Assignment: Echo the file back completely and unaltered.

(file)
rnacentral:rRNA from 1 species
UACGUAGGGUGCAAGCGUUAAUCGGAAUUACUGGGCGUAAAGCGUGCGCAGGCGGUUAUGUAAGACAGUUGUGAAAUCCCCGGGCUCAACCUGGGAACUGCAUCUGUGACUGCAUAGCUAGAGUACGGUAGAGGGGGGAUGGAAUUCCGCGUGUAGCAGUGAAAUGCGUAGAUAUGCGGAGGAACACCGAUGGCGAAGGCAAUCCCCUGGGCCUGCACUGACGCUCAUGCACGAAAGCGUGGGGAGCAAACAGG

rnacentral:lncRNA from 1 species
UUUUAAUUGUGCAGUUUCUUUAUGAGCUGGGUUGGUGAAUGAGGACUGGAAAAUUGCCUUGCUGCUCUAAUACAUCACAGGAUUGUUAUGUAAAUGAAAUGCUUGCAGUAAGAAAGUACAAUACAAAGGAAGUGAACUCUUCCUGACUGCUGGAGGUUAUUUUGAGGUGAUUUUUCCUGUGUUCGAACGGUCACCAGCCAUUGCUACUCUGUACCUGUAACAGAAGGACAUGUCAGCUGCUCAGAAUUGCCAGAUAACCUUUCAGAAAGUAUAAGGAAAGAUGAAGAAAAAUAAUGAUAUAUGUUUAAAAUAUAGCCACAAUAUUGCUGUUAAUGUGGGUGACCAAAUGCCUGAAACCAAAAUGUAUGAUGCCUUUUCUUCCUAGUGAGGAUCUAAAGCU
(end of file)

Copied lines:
rnacentral:rRNA from 1 species
UACGUAGGGUGCAAGCGUUAAUCGGAAUUACUGGGCGUAAAGCGUGCGCAGGCGGUUAUGUAAGACAGUUGUGAAAUCCCCGGGCUCAACCUGGGAACUGCAUCUGUGACUGCAUAGCUAGAGUACGGUAGAGGGGGGAUGGAAUUCCGCGUGUAGCAGUGAAAUGCGUAGAUAUGCGGAGGAACACCGAUGGCGAAGGCAAUCCCCUGGGCCUGCACUGACGCUCAUGCACGAAAGCGUGGGGAGCAAACAGG

rnacentral:lncRNA from 1 species
UUUUAAUUGUGCAGUUUCUUUAUGAGCUGGGUUGGUGAAUGAGGACUGGAAAAUUGCCUUGCUGCUCUAAUACAUCACAGGAUUGUUAUGUAAAUGAAAUGCUUGCAGUAAGAAAGUACAAUACAAAGGAAGUGAACUCUUCCUGACUGCUGGAGGUUAUUUUGAGGUGAUUUUUCCUGUGUUCGAACGGUCACCAGCCAUUGCUACUCUGUACCUGUAACAGAAGGACAUGUCAGCUGCUCAGAAUUGCCAGAUAACCUUUCAGAAAGUAUAAGGAAAGAUGAAGAAAAAUAAUGAUAUAUGUUUAAAAUAUAGCCACAAUAUUGCUGUUAAUGUGGGUGACCAAAUGCCUGAAACCAAAAUGUAUGAUGCCUUUUCUUCCUAGUGAGGAUCUAAAGCU